Science reporting on climate change does lead Americans to adopt more accurate beliefs and support government action on the issue—but these gains are fragile, a new study suggests.
Researchers found that these accurate beliefs fade quickly and can erode when people are exposed to coverage skeptical of climate change.
"It is not the case that the American public does not respond to scientifically informed reporting when they are exposed to it," said Thomas Wood, associate professor of political science at The Ohio State University.
"But even factually accurate science reporting recedes from people's frame of reference very quickly."
"Not only did science reporting change people's factual understanding, it also moved their political preferences," he said. "It made them think that climate change was a pressing government concern that government should do more about."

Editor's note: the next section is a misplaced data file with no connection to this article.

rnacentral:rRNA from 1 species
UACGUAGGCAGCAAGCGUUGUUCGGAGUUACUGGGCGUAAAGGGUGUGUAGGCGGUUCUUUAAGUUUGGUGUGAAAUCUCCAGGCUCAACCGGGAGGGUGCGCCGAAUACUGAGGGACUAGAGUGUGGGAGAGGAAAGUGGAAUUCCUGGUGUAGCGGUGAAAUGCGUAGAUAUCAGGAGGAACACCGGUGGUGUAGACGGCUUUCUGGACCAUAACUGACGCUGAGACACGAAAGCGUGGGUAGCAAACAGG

[...] Overall, the results suggest that the media play a key role in Americans' beliefs and attitudes about scientific issues like climate change.
"It was striking to us how amenable the subjects in our study were to what they read about climate change in our study. But what they learned faded very quickly," Wood said. The results of the study conflict with the media imperative to only report on what is new.
More information: Time and skeptical opinion content erode the effects of science coverage on climate beliefs and attitudes, Proceedings of the National Academy of Sciences (2022). DOI: 10.1073/pnas.2122069119.
(Score: 2) by inertnet on Thursday June 23 2022, @05:21PM
Not really, sorry. I live in a city the Netherlands with its own peculiarities and I haven't researched internationally a lot. For instance, because to subsidies, here the cost for triple glazing is about the same as for double glazing.